Gene editing presents two main ethical challenges — the potential to cause harm and to create “designer babies.” 

First, despite the monumental advances in genetics, medicine and all other fields pertaining to gene editing, much remains unknown. Although the full sequence of the human genome is known and many human genes have been identified, so far, there is only a paucity of knowledge on what the impacts of modifying those genes would be. This situation resembles a similar situation to the eugenics movement, which as mentioned above, caused immense harm on the basis of pseudoscience. 

When Jiankui allegedly modified the embryo which would become Lulu and Nana, he deactivated a gene which, when mutated, has been shown to prevent HIV infection. If HIV infection is prevented by gene editing, it might seem that gene editing embryos in such a fashion is ethical. But when Jiankui was forced to explain himself at the Second International Summit on Human Genome Editing — which serves as a forum for the international scientific community to discuss these contentious issues — it became apparent that the greater medical consequences of the gene he edited were either ignored or not fully considered, let alone the ethical implications. 

At the first International Summit on Human Genome Editing, a statement was issued to not use edited embryos to start a pregnancy. This conclusion was reached to prevent the hasty action of researchers such as Jiankui. Without the scientific evidence needed to establish the risks associated with altering the genome, gene editing is potentially unethical and dangerous. Otherwise, there is the risk of harm not only to the children who were born from edited embryos, but any future progeny that may come from those children. If genetically editing an embryo would result in any form of harm or death, the entire future of the field would be compromised.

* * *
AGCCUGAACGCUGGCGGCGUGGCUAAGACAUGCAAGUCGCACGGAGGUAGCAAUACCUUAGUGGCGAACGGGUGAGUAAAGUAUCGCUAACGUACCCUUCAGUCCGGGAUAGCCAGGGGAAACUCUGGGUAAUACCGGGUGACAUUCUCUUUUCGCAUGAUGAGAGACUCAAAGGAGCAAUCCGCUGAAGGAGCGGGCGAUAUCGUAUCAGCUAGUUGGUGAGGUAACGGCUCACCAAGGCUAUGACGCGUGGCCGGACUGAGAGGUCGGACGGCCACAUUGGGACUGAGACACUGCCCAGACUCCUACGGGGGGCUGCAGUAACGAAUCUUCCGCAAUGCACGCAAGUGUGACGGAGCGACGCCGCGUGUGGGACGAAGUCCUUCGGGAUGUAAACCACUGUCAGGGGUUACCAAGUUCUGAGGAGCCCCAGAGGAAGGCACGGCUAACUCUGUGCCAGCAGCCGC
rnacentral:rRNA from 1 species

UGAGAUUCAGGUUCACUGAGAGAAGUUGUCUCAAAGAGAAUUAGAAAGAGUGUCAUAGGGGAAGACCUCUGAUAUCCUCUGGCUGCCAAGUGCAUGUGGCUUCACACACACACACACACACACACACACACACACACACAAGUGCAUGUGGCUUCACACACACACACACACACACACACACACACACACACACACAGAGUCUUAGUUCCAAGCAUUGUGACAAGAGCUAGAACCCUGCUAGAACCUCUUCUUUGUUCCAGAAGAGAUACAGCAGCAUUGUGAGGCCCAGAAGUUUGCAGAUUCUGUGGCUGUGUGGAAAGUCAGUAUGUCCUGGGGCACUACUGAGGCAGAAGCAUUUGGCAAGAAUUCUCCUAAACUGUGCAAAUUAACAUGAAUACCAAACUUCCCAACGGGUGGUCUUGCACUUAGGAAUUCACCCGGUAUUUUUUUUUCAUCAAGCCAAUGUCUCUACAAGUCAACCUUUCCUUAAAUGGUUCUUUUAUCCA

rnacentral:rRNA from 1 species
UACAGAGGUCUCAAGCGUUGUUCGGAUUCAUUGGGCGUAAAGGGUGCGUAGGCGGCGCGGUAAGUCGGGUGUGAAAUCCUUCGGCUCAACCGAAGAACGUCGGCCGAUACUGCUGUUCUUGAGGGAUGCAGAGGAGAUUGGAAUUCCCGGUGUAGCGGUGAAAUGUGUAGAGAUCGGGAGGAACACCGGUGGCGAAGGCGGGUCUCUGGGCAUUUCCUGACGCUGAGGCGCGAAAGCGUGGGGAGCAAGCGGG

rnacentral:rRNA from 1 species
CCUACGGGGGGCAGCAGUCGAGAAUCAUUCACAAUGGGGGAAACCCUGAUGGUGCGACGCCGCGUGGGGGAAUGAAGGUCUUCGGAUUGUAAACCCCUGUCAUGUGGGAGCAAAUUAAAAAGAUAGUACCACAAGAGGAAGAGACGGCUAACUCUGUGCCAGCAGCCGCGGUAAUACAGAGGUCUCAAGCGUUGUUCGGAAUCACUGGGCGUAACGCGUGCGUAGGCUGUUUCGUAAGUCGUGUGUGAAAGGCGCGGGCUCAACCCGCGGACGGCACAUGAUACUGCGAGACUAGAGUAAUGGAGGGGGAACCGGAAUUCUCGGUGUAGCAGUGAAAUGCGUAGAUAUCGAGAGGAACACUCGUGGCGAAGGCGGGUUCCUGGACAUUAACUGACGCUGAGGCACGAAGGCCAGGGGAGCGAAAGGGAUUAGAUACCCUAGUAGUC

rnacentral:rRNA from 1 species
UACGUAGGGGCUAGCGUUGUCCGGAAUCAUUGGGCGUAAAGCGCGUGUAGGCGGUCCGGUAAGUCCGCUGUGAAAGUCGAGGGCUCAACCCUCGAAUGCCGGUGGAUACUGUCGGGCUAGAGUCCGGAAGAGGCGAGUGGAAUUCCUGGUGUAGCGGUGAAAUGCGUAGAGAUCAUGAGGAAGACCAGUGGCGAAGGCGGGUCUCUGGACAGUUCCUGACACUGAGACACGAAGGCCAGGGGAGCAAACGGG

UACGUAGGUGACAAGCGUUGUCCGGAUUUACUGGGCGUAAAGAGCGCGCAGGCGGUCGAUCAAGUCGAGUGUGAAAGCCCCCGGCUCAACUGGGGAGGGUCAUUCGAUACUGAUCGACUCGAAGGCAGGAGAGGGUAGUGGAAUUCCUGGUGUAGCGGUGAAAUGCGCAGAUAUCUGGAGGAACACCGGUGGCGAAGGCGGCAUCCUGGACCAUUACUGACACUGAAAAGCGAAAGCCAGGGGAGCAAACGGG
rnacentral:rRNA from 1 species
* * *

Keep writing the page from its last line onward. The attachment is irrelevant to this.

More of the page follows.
The other main ethical concern — that has much of the media’s attention — is the use of gene editing technologies to enhance human characteristics, which goes beyond treating disease. This is encapsulated in the oft-mentioned term “designer babies.” In a speculated future, some propose that gene editing could be used to not only treat disease but to also augment human capabilities, such as intelligence or strength. 

Some believe that the act of gene editing to enhance a person is in itself potentially unethical. The religious community would argue that, like with in vitro fertilization, this violates the inviolable status of the human body. Others suggest that perhaps soldiers could be engineered to be more effective — a concern which Doudna experienced in a nightmare she had — leading her to use her platform to advocate for a transparent and ethical approach to editing the genes of embryos.